Hybrid training, especially when bolstered by a Learning Experience Platform, redefines facilitation by providing continuous support throughout the duration of a training initiative. This approach ensures that learners receive help precisely when they need it most—when they’re back at their desks, applying new strategies in real-world scenarios.

This doesn’t mean facilitators must be on call around the clock; rather, it emphasizes the need for more frequent and timely interactions. By promptly responding to learners’ queries and inputs, we create a supportive atmosphere that not only fosters a sense of being cared for but also allows us to address their questions early and effectively.

Traditionally, queries might wait until the next scheduled session, causing delays and diminishing the relevance of the help provided. Learners, understanding this delay, often felt their real-world application of skills wasn’t a priority. Now, we’re shifting this dynamic. Instead of periodic check-ins, our approach ensures that facilitation is an ongoing conversation, enhancing the relevance and impact of the support provided.

Active facilitation transforms the role of both facilitator and participant. For participants, the expectation to demonstrate what they’ve learned becomes a tangible part of their training experience. Positive peer pressure and group dynamics encourage this sharing, but more importantly, once learners see that facilitators are genuinely there to support them, their engagement levels soar. This transition from mere attendance to active engagement is crucial for demonstrating the effectiveness and results of the training.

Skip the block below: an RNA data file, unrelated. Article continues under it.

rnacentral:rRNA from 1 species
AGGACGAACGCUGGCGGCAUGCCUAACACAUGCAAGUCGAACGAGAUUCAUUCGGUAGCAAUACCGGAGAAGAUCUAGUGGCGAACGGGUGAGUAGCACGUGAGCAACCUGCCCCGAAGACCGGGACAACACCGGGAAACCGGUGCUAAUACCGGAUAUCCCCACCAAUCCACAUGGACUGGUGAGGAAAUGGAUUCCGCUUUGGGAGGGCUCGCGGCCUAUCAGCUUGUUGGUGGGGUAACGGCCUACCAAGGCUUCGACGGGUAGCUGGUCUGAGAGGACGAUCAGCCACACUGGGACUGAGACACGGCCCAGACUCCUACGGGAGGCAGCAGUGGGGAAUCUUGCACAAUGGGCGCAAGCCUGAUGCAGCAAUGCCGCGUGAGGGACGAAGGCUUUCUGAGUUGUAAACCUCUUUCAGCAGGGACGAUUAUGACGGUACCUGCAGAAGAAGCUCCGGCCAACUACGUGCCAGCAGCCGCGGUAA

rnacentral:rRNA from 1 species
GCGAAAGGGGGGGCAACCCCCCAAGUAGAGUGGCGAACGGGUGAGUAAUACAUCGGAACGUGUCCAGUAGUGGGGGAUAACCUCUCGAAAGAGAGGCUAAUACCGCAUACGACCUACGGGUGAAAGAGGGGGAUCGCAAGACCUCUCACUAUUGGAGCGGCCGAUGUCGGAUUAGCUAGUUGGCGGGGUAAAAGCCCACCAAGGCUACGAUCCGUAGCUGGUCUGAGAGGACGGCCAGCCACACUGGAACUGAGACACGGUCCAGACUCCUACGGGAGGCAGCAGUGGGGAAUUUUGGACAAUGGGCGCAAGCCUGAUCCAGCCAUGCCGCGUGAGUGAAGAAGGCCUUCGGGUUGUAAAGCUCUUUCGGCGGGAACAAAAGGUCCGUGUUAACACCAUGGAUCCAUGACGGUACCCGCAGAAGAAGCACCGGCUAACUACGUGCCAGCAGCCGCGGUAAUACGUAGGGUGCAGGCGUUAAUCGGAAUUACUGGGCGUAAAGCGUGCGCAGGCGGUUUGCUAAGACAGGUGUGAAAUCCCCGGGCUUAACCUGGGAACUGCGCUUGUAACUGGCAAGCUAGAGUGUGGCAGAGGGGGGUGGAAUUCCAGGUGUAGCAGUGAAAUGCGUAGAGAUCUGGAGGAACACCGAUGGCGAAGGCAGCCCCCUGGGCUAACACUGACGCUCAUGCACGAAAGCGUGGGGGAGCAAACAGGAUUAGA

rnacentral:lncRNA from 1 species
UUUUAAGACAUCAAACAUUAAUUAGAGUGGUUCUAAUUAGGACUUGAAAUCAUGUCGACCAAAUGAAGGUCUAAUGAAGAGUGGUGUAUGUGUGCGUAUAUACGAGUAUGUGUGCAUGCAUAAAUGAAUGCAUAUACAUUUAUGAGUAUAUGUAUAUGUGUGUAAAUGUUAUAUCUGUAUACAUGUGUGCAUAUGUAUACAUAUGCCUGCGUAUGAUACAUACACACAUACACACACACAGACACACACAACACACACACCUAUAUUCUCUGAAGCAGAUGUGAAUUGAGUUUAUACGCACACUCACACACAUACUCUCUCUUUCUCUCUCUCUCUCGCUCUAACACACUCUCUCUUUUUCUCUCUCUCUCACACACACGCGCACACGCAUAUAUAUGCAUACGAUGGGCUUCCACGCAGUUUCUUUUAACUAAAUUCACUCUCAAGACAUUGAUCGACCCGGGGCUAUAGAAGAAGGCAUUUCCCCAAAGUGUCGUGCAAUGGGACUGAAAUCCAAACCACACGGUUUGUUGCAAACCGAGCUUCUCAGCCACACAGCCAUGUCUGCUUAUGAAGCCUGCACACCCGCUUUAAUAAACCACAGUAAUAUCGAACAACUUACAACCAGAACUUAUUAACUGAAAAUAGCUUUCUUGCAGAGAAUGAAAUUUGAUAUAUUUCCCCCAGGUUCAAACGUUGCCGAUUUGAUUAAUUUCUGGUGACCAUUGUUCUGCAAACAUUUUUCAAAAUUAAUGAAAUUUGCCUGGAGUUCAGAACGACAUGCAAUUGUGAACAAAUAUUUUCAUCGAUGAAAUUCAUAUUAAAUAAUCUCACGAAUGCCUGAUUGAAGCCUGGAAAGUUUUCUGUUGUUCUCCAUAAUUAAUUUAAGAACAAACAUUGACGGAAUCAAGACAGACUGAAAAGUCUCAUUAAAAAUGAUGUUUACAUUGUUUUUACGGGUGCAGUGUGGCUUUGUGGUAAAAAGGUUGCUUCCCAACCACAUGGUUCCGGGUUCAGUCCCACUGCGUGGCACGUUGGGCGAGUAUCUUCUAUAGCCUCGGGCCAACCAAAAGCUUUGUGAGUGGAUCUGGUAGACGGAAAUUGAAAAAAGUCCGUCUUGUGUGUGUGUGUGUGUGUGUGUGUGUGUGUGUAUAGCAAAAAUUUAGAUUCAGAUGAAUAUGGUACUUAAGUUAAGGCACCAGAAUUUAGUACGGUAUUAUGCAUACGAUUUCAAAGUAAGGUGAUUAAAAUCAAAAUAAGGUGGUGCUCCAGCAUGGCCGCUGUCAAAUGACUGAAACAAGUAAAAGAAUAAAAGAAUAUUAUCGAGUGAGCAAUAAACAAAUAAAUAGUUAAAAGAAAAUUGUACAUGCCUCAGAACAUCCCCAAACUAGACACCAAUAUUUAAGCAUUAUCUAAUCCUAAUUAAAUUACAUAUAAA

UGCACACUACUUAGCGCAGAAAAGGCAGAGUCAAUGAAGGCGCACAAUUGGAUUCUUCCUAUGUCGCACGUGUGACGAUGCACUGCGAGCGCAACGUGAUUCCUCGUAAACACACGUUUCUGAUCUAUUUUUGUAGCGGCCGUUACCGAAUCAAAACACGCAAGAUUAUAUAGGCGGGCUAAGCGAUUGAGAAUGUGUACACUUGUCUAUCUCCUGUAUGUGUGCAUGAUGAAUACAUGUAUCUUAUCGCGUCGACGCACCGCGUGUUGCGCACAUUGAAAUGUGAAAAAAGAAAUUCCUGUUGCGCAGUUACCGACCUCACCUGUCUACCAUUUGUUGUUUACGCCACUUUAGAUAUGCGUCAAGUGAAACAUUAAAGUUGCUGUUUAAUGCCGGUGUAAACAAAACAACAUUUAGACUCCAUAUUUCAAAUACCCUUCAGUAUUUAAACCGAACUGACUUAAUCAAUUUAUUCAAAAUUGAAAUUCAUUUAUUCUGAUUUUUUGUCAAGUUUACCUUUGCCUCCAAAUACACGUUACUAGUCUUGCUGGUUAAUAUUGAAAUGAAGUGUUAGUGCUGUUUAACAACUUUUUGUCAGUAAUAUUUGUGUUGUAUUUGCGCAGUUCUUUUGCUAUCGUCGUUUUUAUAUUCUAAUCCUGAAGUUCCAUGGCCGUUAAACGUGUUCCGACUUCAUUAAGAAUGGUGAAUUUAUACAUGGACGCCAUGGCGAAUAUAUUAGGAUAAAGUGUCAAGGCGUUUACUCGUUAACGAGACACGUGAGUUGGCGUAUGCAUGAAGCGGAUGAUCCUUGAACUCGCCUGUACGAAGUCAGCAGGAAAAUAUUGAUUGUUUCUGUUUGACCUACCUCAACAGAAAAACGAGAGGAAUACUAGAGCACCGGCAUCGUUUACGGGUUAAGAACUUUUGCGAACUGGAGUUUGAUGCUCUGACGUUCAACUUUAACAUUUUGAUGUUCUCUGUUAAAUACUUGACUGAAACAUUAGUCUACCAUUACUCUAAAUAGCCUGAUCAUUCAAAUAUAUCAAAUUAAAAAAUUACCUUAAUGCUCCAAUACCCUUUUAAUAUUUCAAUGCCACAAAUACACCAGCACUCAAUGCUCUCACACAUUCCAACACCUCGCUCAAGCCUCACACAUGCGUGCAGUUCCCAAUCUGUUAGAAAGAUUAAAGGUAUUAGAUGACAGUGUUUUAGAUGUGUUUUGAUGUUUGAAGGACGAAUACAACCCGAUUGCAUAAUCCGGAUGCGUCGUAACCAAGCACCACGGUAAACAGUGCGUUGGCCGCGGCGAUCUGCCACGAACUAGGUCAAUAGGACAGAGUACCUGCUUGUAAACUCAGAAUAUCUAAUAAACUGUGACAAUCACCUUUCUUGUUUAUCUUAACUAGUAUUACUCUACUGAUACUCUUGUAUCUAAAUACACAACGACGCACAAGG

Ultimately, our goal is to establish a facilitation process where learners understand they have continuous access to thoughtful and relevant support. Engagement is not a one-way street; it’s about creating a reciprocal relationship where facilitators are as invested in the learners’ real-world application of skills as they are in the training sessions themselves

Training Facilitators for Hybrid Environments

To thrive in this evolved training landscape, we must equip our facilitators with more than just their prior classroom experience. They need to understand the distinct differences between traditional and hybrid training environments and embrace new methods and mindsets.

Unfortunately, many seasoned facilitators, despite years of expertise in conventional settings, struggle to adapt to this shift. The belief that their role remains unchanged—that the same old techniques will suffice—has led to underwhelming results. Today’s training demands a fresh approach, one that aligns with the dynamic needs of modern organizations and their employees. By retraining our facilitators with these principles, we ensure that they are not just transferring knowledge but are catalysts for genuine, measurable change in workplace performance.

Adapting Skills for Online Facilitation

Facilitators who have traditionally excelled in the classroom may find the shift to online facilitation to be a unique challenge. This transition involves several key changes:

  • Embracing New Roles